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South Africa: A Hacker’s Paradise?

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Jenna Delport
Jenna Delport
I’m a tech writer, world traveller, avocado-eater and dog lover, not always in that order.

Cybersecurity is a concern all across the globe and is especially prevalent in South Africa, where hackers focus much of their malicious efforts. This is true both at an enterprise level, with online businesses being targeted, as well as at a personal level with individual consumers who fall victim to Internet scams.

To date, the South African government has done little to boost cybersecurity awareness in the country. It’s up to citizens to be aware of online risks and take steps to protect themselves. Otherwise, virus attacks and data breaches will continue to be a part of the daily news cycle.

In this article, we’ll cover some of the common cybersecurity issues plaguing South Africa and look at what to expect in the future.

New Types of  Cyber Attacks

Cybercriminals typically have one of two motives when planning an attack: to make money or to cause destruction. The second scenario may be related to political beliefs or a desire to harm a specific organisation – simply causing a widespread website outage can let hackers accomplish their goals.

For this reason, companies in South Africa need to be aware of the distributed denial of service (DDoS) attacks. During one of these incidents, hackers will organise a network of bots that jam the business’s web servers with an overload of traffic, often causing hardware to crash and networks to become saturated.

When it comes to plotting money-making schemes, data is usually the target for hackers. In some cases, they will look to steal customer information, such as passwords or credit card numbers, and then sell it for a profit on the dark web. Or they may go the route of ransomware, in which the data is held hostage until the company pays a specific amount.

One example is when Liberty Holdings, a South African insurance company, fell victim to a cyber attack. Hackers managed to infiltrate the inner portion of their enterprise network and obtain records from back-end databases. Now the company must not only figure out how the criminals gained access but also how to prevent similar attacks shortly. 

Inherent Risks when it comes to the Cloud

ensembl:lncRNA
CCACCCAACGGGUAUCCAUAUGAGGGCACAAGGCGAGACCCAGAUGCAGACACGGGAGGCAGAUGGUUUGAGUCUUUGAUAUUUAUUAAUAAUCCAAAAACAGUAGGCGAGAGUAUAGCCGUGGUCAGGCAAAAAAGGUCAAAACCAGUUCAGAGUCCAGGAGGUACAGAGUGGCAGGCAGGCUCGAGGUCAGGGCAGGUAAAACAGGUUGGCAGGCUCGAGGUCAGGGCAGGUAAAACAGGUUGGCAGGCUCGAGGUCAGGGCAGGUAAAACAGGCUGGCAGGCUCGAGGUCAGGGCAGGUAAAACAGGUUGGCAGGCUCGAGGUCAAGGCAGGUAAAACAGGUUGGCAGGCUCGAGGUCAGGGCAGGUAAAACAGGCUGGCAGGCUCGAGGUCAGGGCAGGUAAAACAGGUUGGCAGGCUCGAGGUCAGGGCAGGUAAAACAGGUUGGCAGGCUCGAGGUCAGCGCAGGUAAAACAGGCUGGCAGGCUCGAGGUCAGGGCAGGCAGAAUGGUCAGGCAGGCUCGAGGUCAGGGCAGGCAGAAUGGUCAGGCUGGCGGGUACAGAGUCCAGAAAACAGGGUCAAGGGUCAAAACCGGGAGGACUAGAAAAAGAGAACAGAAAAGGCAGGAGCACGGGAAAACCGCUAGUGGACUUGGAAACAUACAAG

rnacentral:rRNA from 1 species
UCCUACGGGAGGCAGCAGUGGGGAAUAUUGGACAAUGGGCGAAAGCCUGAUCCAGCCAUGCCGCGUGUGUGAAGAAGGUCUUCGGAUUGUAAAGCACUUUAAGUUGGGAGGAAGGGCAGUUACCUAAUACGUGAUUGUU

The cloud computing movement has revolutionised how business is done online. New companies can launch websites and apps in a matter of minutes and at much lower costs than in the early days of the Internet. Back then, organisations would have to manage all of their servers and networks, whereas today, it can be outsourced to a reputable hosting provider like HostGator.

However, adopting a complete cloud approach does carry a certain level of risk. You are putting your software and data into the hands of a third-party vendor that may be the target of a larger cyberattack. For South African businesses, it’s critical to find cloud hosts that offer state-of-the-art security measures with 24/7 monitoring services. In the event of a breach or incident, you want to be notified as soon as possible so that damage can be minimized.

Enterprise Security Priorities

Before looking at tools and solutions for boosting cybersecurity, South African organisations must first look inward. A high percentage of hacking incidents occur because of social engineering, where a criminal manages to infiltrate a system by tricking an internal user into divulging credentials or information. So the top priority should be on educating and training employees on what types of threats to expect.

Then you need to consider the reach and scope of your network. Most likely you have employees who travel or need the ability to work remotely. This can be dangerous from a security point of view, especially if public wi-fi networks are used. Hackers can compromise them and intercept data being transmitted.

That’s why it is so important for companies to mandate the use of a virtual private network (VPN) clients. A VPN is simply a software application that creates an encrypted tunnel between a device and the open Internet so that even if hackers are eavesdropping, they will not be able to decode any of the information being sent.

Having a mature backup policy is also critical to the health of technology systems. In a worst-case scenario, hackers might gain control over one or more servers and lock internal users out of them using an attack like ransomware. Rather than negotiating with the criminals, it is smart to simply take the affected devices offline and revert to a stable backup copy.

The Way Forward

For South African’s, the rise in data breaches and cyberattacks is worrisome. Even if companies vow to harden their cybersecurity strategies, there is no guarantee that user data will be kept safe. That’s why government regulation will play a key role in moving forward.

South Africa should look at how to implement the POPI act similarly to the General Data Protection Regulation (GDPR) recently instituted by the European Union.

The Internet can be a dangerous place. The only way to change the trend of hacking is to build better defence systems while also informing individuals about the risks they will face when working, shopping, or browsing online. Cybersecurity strategies will never be foolproof and new types of attacks are always on the rise, but certain steps can be taken to ensure that people’s data is safe.

By Sam Bocetta

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